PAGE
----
That’s excellent! It’s a perfect way to lull the Wet Blanket into thinking it isn’t needed, opening the door to your deeper creativity. In theater, my favorite director would have actors who seemed unable to truly engage in the scene stop saying their lines and improvise, driven by the scene’s emotion, instead. I suspect that method hit the same cues Gill is speaking of, and I plan on trying Gill’s “list form” when the Wet Blanket strikes again.
Another method that works for me is often a combination of writing prompts and pressure, which happens to be a method used at many writing workshops. At the end of the Writers of the Future week-long workshop, we writers were to take a single prop, a quickly-researched topic, and a person we met on the street in front of Hollywood’s Chinese Theater and craft them all into a complete short story in twenty-four hours.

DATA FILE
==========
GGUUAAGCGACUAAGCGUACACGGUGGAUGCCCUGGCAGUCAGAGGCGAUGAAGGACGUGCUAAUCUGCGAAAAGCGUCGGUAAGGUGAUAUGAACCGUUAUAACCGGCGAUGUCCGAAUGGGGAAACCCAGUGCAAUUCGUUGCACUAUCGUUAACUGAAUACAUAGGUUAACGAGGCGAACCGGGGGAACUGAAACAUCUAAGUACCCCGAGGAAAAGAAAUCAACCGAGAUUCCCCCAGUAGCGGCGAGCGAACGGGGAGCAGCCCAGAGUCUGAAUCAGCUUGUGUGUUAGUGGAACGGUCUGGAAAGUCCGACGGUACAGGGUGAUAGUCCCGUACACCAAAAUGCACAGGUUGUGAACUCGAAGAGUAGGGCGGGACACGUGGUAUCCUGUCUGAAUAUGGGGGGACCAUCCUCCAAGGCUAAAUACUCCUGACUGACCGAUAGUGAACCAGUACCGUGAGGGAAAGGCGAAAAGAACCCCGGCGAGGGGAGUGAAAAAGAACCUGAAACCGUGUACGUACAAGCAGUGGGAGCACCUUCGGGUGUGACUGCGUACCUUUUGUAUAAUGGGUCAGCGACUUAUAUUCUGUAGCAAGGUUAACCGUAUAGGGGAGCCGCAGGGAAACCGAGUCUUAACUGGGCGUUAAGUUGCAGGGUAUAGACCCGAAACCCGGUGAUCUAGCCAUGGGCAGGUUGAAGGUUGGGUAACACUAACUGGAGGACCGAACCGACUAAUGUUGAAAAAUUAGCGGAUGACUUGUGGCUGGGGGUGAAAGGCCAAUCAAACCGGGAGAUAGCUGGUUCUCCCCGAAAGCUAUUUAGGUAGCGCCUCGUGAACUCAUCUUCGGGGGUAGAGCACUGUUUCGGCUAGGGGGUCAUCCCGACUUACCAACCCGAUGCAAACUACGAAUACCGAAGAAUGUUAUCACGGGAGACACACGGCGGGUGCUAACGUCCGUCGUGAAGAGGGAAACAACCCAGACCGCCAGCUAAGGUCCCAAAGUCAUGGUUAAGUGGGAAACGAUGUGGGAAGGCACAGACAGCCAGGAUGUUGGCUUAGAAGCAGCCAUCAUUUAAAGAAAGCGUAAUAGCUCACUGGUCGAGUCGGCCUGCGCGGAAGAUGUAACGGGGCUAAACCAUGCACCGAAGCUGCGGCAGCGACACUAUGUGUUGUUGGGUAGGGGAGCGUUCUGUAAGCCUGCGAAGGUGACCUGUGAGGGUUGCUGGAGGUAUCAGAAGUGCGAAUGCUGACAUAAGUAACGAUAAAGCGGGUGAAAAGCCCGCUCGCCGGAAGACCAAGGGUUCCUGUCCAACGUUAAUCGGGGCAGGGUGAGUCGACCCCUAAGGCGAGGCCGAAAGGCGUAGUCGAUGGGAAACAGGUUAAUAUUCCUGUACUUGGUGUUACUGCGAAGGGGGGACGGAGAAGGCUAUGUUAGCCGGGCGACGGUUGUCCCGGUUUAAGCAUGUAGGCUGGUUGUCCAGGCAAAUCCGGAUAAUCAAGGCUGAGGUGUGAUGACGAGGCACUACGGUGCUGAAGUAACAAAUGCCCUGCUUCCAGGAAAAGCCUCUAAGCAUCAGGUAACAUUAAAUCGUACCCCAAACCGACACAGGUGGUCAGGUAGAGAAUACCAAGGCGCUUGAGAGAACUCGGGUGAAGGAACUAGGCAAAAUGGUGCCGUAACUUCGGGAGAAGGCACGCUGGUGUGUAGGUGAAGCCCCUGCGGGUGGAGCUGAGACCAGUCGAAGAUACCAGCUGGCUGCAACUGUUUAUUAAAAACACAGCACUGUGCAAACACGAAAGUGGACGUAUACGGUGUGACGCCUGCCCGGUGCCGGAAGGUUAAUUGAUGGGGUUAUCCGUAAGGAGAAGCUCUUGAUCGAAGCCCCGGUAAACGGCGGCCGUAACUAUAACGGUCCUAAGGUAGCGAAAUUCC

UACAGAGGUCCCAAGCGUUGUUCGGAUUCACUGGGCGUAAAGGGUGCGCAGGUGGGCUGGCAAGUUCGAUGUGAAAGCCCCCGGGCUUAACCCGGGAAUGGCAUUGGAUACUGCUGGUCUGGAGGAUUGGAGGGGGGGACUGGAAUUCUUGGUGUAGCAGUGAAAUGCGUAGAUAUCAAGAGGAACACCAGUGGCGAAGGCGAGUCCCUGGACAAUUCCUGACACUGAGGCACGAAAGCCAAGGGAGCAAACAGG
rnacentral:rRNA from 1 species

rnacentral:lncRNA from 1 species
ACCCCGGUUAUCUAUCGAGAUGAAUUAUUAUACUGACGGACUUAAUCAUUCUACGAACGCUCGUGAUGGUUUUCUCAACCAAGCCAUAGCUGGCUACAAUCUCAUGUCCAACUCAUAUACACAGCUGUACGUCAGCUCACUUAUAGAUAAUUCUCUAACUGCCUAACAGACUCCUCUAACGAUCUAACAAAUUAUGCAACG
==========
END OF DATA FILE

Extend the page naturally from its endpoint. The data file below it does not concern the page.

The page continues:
I was terrified. After all, my head was full of incredible new writing stuff taught by KD Wentworth and Tim Powers—all sorts of ideas and rules and advice and guidelines that left me feeling I hadn’t known a damned thing about storytelling before showing up. And I didn’t at all consider myself a short story writer. But the ticking clock (and likely the resulting exhaustion), combined with prompts I didn’t have to think up on my own, tossed the Wet Blanket aside. With very little editing, that 24-hour story has become one of my most-read short pieces (and, for some reason, extremely popular at Barnes and Noble).